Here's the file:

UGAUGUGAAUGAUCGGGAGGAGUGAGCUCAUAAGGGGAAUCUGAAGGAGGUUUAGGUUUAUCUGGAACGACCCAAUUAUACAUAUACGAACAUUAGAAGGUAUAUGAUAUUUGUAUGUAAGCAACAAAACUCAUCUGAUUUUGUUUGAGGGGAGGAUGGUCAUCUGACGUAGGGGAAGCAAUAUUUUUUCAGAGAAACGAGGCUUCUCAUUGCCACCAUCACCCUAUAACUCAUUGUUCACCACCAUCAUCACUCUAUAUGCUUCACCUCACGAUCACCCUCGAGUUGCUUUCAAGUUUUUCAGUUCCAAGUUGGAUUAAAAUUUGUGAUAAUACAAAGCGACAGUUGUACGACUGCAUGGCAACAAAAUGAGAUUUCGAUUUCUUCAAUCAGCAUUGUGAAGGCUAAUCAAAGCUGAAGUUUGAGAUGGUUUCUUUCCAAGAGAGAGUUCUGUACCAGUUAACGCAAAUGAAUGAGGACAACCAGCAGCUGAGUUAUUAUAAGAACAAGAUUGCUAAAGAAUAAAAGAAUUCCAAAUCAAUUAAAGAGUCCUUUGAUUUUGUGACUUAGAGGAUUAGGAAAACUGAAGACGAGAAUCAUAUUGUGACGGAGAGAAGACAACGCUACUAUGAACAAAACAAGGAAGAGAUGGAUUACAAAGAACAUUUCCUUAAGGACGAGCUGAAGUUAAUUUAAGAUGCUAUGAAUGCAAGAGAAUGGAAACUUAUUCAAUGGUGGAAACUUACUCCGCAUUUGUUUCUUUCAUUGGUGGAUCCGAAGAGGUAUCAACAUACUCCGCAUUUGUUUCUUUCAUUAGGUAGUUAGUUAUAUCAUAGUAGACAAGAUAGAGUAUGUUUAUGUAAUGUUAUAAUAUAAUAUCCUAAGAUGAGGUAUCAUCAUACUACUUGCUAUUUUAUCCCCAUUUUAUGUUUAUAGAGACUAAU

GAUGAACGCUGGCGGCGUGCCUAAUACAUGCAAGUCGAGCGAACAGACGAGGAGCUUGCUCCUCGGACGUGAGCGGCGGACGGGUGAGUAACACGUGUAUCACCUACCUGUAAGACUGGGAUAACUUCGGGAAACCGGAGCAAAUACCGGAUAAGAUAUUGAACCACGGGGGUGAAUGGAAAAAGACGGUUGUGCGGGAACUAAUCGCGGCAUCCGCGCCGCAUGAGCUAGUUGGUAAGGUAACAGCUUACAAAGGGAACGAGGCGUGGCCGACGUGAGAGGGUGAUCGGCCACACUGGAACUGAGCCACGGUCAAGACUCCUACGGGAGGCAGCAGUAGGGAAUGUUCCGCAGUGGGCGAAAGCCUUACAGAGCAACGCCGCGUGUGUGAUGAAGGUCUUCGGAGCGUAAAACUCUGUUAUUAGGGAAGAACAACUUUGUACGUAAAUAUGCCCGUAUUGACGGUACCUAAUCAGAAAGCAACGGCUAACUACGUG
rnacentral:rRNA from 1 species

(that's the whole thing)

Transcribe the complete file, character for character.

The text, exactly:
UGAUGUGAAUGAUCGGGAGGAGUGAGCUCAUAAGGGGAAUCUGAAGGAGGUUUAGGUUUAUCUGGAACGACCCAAUUAUACAUAUACGAACAUUAGAAGGUAUAUGAUAUUUGUAUGUAAGCAACAAAACUCAUCUGAUUUUGUUUGAGGGGAGGAUGGUCAUCUGACGUAGGGGAAGCAAUAUUUUUUCAGAGAAACGAGGCUUCUCAUUGCCACCAUCACCCUAUAACUCAUUGUUCACCACCAUCAUCACUCUAUAUGCUUCACCUCACGAUCACCCUCGAGUUGCUUUCAAGUUUUUCAGUUCCAAGUUGGAUUAAAAUUUGUGAUAAUACAAAGCGACAGUUGUACGACUGCAUGGCAACAAAAUGAGAUUUCGAUUUCUUCAAUCAGCAUUGUGAAGGCUAAUCAAAGCUGAAGUUUGAGAUGGUUUCUUUCCAAGAGAGAGUUCUGUACCAGUUAACGCAAAUGAAUGAGGACAACCAGCAGCUGAGUUAUUAUAAGAACAAGAUUGCUAAAGAAUAAAAGAAUUCCAAAUCAAUUAAAGAGUCCUUUGAUUUUGUGACUUAGAGGAUUAGGAAAACUGAAGACGAGAAUCAUAUUGUGACGGAGAGAAGACAACGCUACUAUGAACAAAACAAGGAAGAGAUGGAUUACAAAGAACAUUUCCUUAAGGACGAGCUGAAGUUAAUUUAAGAUGCUAUGAAUGCAAGAGAAUGGAAACUUAUUCAAUGGUGGAAACUUACUCCGCAUUUGUUUCUUUCAUUGGUGGAUCCGAAGAGGUAUCAACAUACUCCGCAUUUGUUUCUUUCAUUAGGUAGUUAGUUAUAUCAUAGUAGACAAGAUAGAGUAUGUUUAUGUAAUGUUAUAAUAUAAUAUCCUAAGAUGAGGUAUCAUCAUACUACUUGCUAUUUUAUCCCCAUUUUAUGUUUAUAGAGACUAAU

GAUGAACGCUGGCGGCGUGCCUAAUACAUGCAAGUCGAGCGAACAGACGAGGAGCUUGCUCCUCGGACGUGAGCGGCGGACGGGUGAGUAACACGUGUAUCACCUACCUGUAAGACUGGGAUAACUUCGGGAAACCGGAGCAAAUACCGGAUAAGAUAUUGAACCACGGGGGUGAAUGGAAAAAGACGGUUGUGCGGGAACUAAUCGCGGCAUCCGCGCCGCAUGAGCUAGUUGGUAAGGUAACAGCUUACAAAGGGAACGAGGCGUGGCCGACGUGAGAGGGUGAUCGGCCACACUGGAACUGAGCCACGGUCAAGACUCCUACGGGAGGCAGCAGUAGGGAAUGUUCCGCAGUGGGCGAAAGCCUUACAGAGCAACGCCGCGUGUGUGAUGAAGGUCUUCGGAGCGUAAAACUCUGUUAUUAGGGAAGAACAACUUUGUACGUAAAUAUGCCCGUAUUGACGGUACCUAAUCAGAAAGCAACGGCUAACUACGUG
rnacentral:rRNA from 1 species